Monday, July 15, 2024
Home > Entrepreneurship > Russian Bitcoin Tycoon Expands Into Africa
EntrepreneurshipFeaturedInternational NewsInterviews

Russian Bitcoin Tycoon Expands Into Africa

Russia is striving to lead the global blockchain movement, with President Vladimir Putin even eyeing the creation of a national cryptocurrency.

But the real work to spur the world blockchain economy is being implemented far beyond the walls of the Kremlin by small groups of private software engineers, who are working tirelessly in backrooms and cramped offices to usher in a financial evolution.

Vladimir Smerkis, the founder of The Token Fund, is one of a handful of visible figures to rise on the blockchain scene alongside Ethereum founder Vitalik Buterin and Bitcoin ambassador Andreas Antonopoulos. His fund, which opened in early 2017, runs on a software that manages the cryptocurrency assets of individuals, companies, and investment funds in Eastern Europe.

Smerkis, who is a former executive of Mail.Ru, recently opened an office in Dubai, UAE, to cover the Middle East, North Africa, and Sub-Saharan Africa.

His fund’s model has been so successful, so much that investors and hedge funds from South Africa to Switzerland have asked to white-label his system on their local markets.

The feedback got Vladimir and his team thinking. As opposed to licensing out the software to investment firms worldwide, he decided to build a turnkey platform for global users,, and scheduled a funding round for the project that’s set to take place next month.

The Forbes caught up with him earlier this week. He spoke to Forbes about his vision for the future of cryptocurrencies, his company’s plans for Africa, and how blockchain can change the world.

It’s been interesting following the media hype around blockchain and cryptocurrencies. It seems like everyone wants to get in on this opportunity – investors and entrepreneurs alike. But few really understand blockchain, which means that there is significant risk involved. You’ve managed to establish yourself as a reliable player. Can you tell us a bit about your experience and what you’re doing at The Token Fund and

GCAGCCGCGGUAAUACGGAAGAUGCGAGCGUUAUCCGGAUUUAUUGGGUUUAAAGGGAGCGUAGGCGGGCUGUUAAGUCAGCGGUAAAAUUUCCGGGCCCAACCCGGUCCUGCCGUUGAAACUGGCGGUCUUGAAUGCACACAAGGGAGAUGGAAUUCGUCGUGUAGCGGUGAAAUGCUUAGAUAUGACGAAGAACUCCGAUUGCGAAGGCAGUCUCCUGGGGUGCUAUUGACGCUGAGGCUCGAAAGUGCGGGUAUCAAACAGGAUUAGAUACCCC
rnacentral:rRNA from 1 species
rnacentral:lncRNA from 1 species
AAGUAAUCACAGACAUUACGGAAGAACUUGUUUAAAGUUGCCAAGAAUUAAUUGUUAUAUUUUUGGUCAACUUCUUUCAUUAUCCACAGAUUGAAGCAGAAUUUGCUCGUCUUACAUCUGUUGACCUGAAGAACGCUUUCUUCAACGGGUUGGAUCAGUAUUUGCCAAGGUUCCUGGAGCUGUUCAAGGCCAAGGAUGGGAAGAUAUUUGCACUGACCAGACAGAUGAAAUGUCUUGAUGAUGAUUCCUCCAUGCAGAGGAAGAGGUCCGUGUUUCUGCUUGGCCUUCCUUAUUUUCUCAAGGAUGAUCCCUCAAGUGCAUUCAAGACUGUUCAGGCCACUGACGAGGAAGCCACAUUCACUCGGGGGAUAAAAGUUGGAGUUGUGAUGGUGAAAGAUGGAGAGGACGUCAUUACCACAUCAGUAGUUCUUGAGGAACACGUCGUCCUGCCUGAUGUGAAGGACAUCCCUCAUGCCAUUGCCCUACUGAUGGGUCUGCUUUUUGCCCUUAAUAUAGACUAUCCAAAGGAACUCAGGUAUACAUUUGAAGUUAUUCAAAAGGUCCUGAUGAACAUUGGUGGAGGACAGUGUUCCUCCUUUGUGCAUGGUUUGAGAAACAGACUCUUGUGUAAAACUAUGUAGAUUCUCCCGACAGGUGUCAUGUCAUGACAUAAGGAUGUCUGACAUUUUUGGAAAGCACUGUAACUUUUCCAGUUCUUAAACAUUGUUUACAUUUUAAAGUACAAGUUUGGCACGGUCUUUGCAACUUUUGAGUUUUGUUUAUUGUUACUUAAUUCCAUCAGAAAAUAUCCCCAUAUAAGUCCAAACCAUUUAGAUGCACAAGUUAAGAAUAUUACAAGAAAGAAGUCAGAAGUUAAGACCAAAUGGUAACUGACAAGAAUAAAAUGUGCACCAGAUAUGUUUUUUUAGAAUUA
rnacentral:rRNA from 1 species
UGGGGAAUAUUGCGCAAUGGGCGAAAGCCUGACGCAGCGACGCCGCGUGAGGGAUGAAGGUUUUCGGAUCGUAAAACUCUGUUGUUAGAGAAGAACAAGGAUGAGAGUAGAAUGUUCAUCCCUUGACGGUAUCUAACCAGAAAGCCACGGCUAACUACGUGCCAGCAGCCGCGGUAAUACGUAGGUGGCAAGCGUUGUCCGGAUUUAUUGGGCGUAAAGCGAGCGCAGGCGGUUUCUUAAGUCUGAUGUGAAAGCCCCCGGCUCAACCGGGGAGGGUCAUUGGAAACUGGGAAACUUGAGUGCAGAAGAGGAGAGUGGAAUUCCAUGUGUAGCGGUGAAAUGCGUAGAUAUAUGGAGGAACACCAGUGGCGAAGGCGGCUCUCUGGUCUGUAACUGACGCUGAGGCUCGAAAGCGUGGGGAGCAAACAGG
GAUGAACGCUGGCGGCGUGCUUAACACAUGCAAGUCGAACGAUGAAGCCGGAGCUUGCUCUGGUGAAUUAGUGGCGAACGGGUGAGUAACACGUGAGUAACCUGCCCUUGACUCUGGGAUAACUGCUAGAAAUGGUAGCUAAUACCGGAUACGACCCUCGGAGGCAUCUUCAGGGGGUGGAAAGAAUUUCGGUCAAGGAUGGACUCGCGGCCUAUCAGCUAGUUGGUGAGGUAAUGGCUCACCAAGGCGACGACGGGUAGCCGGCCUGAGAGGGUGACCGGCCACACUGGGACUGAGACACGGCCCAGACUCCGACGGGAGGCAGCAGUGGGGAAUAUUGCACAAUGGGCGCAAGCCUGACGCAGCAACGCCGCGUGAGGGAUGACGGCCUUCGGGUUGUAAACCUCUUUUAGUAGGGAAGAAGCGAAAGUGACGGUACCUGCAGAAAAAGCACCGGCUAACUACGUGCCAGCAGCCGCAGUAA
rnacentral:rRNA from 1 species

We’ve been working on The Token Fund since March 2017. It’s an extremely exciting project. We manage crypto-assets for our clients. And this is a white-hot topic right now, as you said.

For sure there are a lot of people who want to jump on the cryptocurrency bandwagon. But the question is how to start. Anybody and everybody claims to be a professional crypto-trader these days, but few people have any real experience.

This is why we created a fund that takes crypto-currencies and invests in a variety of different coins and tokens. This helps the blockchain infrastructure grow and mature. And we must be on to something, because we have received numerous requests from Italy, Switzerland, and other countries to copy our model. They all say the same thing: “Guys, please give us access to your technology, or help us build a platform like yours – one of the first coin-traded funds on the market.”

It didn’t take us long to realize that we wouldn’t want to do this as part of The Token Fund. Instead, we decided to develop a standalone global infrastructure platform, which we named

We knew we could create an end-to-end solution that would help people develop crypto-funds from scratch. It’s a stable platform that individuals and companies can rely on.

I imagine you need quite a substantial team to put something like this together. Can you tell us a bit about who’s working on the project?

We have an outstanding team at and The Token Fund, including lawyer Chris Schinner and Wulf Kaal, a top expert on blockchain applications in an array of industries.

We’ve brought together experts from finance, blockchain technology, security and international law, who are united in their desire to build an all-in-one solution for crypto-investments.

Ilya Sachkov, the head of the IT security company Group-IB, which is known globally for its Threat Intelligence, is now our in-house security expert.

This is a real coup, as he is a leading world thinker in IT security.

Security is a big issue with cryptocurrencies and crypto-assets, as you can imagine. That’s because $200 – or $2 million – can just vanish if you don’t have the right security in place.

We appreciate good old-fashioned hackers for their savvy and skills, but we know we have to keep them out because security is absolutely critical for a product like ours.

All in all, we have 15 engineers, marketing specialists, and business developers on our team.

How do you plan to split the team after the funding event? Will spin off into a separate entity, or will you continue to work side-by-side?

If we achieve our targets, we’re definitely going to expand the team. We need more developers to work on implementation. The functionality is largely finalized, but executing it is a different matter altogether. We also plan to have separate marketing and management teams.

How do you deal with the legal issues surrounding cryptocurrencies?

Now we’re diving into the finer details!

Crypto-funds keep popping up, and we need more of them, because they’re going to help drive and stabilize the market. But, yes, there is a legal issue and it’s hard to legalize them completely.

We want to solve this problem by registering an umbrella fund that will effectively sublicense to other funds and individual traders. Traders that want to join will have to pass KYC verifications.

So, it really isn’t going to be something like eToro, where anyone can start their own fund or become a trader on the system. That simple verification process solves this issue.